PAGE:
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Final Thoughts - Grief And Recovery
Ernest H. Rosenbaum, MD, Isadora R. Rosenbaum, MA and Sabrina Selim, MD

It takes a lot of courage and compassion to stand and act with others during times of distress. The virtue of courage in approaching reality can be an expression of our inner feelings and philosophy on how to live as well as out emotional capacity to endure difficult crises. This can provide a springboard for thoughts and acts toward relatives and friends, as well as a chance to share strength and support with companions during times of great stress and woe. Benevolent acts, no matter how small, such as doing kind deeds or giving friendship, compassion and support, can infuse support and hope.

The philosopher David Hume stated, "Compassion is a natural feeling which by moderating the violence of love of self in each individual, contributes to the preservation of the whole species. It is this compassion that hurries us with reflection to the relief of those who are in distress."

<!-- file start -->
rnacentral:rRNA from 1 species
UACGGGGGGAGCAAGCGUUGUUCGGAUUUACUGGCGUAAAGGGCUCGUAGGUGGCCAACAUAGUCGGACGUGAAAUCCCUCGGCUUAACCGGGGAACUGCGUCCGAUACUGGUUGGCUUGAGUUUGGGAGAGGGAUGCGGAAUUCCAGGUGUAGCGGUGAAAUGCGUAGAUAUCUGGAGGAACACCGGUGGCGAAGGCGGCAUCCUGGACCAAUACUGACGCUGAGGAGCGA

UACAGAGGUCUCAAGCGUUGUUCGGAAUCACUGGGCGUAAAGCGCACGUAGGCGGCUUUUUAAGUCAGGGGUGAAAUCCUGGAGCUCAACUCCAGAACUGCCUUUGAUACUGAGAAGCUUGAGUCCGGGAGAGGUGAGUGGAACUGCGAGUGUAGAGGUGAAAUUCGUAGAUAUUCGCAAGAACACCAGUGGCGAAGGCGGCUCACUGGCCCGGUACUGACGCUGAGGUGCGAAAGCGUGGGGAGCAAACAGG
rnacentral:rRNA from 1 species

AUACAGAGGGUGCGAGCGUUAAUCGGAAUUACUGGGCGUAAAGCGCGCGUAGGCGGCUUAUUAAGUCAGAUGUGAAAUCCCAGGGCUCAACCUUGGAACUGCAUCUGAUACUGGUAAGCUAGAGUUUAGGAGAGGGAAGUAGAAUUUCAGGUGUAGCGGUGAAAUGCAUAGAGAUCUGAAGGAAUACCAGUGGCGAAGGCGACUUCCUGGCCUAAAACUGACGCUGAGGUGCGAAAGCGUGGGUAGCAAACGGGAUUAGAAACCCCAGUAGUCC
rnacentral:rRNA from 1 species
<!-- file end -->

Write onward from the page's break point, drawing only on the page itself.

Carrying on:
By giving compassion, we share our emotions and our philosophy with another, supporting the hope not only that life is worthwhile but also that it will have meaning. This process supports the desire and will to live. Like birth and marriage, death is a turning point for the dying person and for those around him or her. It is only through kindness and giving that one extends oneself.

This is well stated by Emily Dickinson in her poem
If I Can Stop One Heart from Breaking
If I can stop one Heart from breaking
I shall not live in vain
If I can ease one Life the Aching
Or cool one Pain
Or help one fainting Robin
Unto his Nest again
I shall not live in vain.

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